Canine eosinophilic furunculosis - Veterinary Practice
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Canine eosinophilic furunculosis

Canine eosinophilic furunculosis is a disease predominantly affecting the nasal area and occasionally elsewhere. It has an acute onset and is highly responsive to glucocorticoids (Miller et al., 2013). Although the exact aetiology of the condition is uncertain, it is thought that arthropod or insect bites are most likely incriminated in many cases.

Clinical features

  • Sudden onset.
  • Young dogs predisposed, possibly due to inquisitive behaviour.
  • Nodules, papules, crusts, ulceration and haemorrhage (Paterson, 2008) are all possible and depend on how rapidly veterinary advice is sought.
  • Lesions are painful, but not normally pruritic.
  • Typically affected areas include the bridge of the nose, muzzle, pinnae and periocular skin (Figures 1, 2 and 3).
  • In rare cases, the ventral abdomen, chest and pinnae are involved (Paterson, 2008).
  • Lesions are normally sterile with secondary bacterial infection uncommon, but more likely if veterinary advice is delayed.
FIGURE 1 Acute nasal lesions in a two-year-old Jack Russell terrier
FIGURE 2 Nasal lesions in a young Shih Tzu dog (courtesy of Anita Patel)

Differential diagnosis

(from Miller et al., 2013; Paterson, 2008)

  • Staphylococcal nasal folliculitis.
  • Dermatophytosis – especially to Trichophyton mentagrophytes, T. mentagrophytes var erinacei.
  • Burns.
  • Nasal solar dermatitis.
  • Drug eruptions.
  • Autoimmune disease-pemphigus foliaceus, discoid lupus erythematosus.


  • History and physical examination.
  • Rule-out of differentials.
  • Cytological examination of impression smears. This is the most useful diagnostic test. Numerous eosinophils are usually present. In the later stages, there may be some degenerate neutrophils with intracellular bacteria representing secondary infection.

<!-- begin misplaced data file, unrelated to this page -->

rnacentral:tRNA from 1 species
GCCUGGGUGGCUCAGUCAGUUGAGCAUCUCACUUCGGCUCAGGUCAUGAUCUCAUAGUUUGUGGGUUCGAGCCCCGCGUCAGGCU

• Histopathological examination. An eosinophilic infiltrative mural folliculitis and furunculosis are usually observed. There may be a mixed inflammatory infiltrate with dermal haemorrhage and collagen degeneration (Paterson, 2008). Marked dermal and subcutaneous mucinosis, and ulceration and flame figures are often noted (Miller et al., 2013).
FIGURE 3 Pinnal lesions in the young Shih Tzu (courtesy of Anita Patel)

Clinical management

  • Systemic glucocorticoids are very effective for therapy and induce a rapid response. Topical glucocorticoid therapy, although undoubtedly potentially effective, suffers from the fact that the lesions are painful, and therapy may therefore be resented.
  • Prednisolone (1-2mg/kg every 24 hours) is administered until a response is noted (usually seven to 10 days), then the same dose is given every other day for a further seven to 10 days (Miller et al., 2013).
  • Antibacterial therapy is only needed when secondary infection is detected by cytological examination and confirmed on culture. A three- to four-week course of antimicrobials effective against Staphylococcus pseudintermedius is recommended in these cases.
  • The prognosis is excellent (Figure 4).
FIGURE 4 Improvement in the same dog as Figures 2 and 3 following a 10-day course of prednisolone (courtesy of Anita Patel)

Miller, W. H., Griffin, C. E. and Campbell, K. L.


Muller and Kirk’s Small Animal Dermatology, 7th ed., pp. 418-419.

Paterson, S.


Manual of Skin Diseases of the Dog and Cat, 2nd ed., pp. 185-186.

David Grant

David Grant, MBE, BVetMed, CertSAD, FRCVS, graduated from the RVC in 1968 and received his FRCVS in 1978. David was hospital director at RSPCA Harmsworth for 25 years and now writes and lectures internationally, mainly in dermatology.

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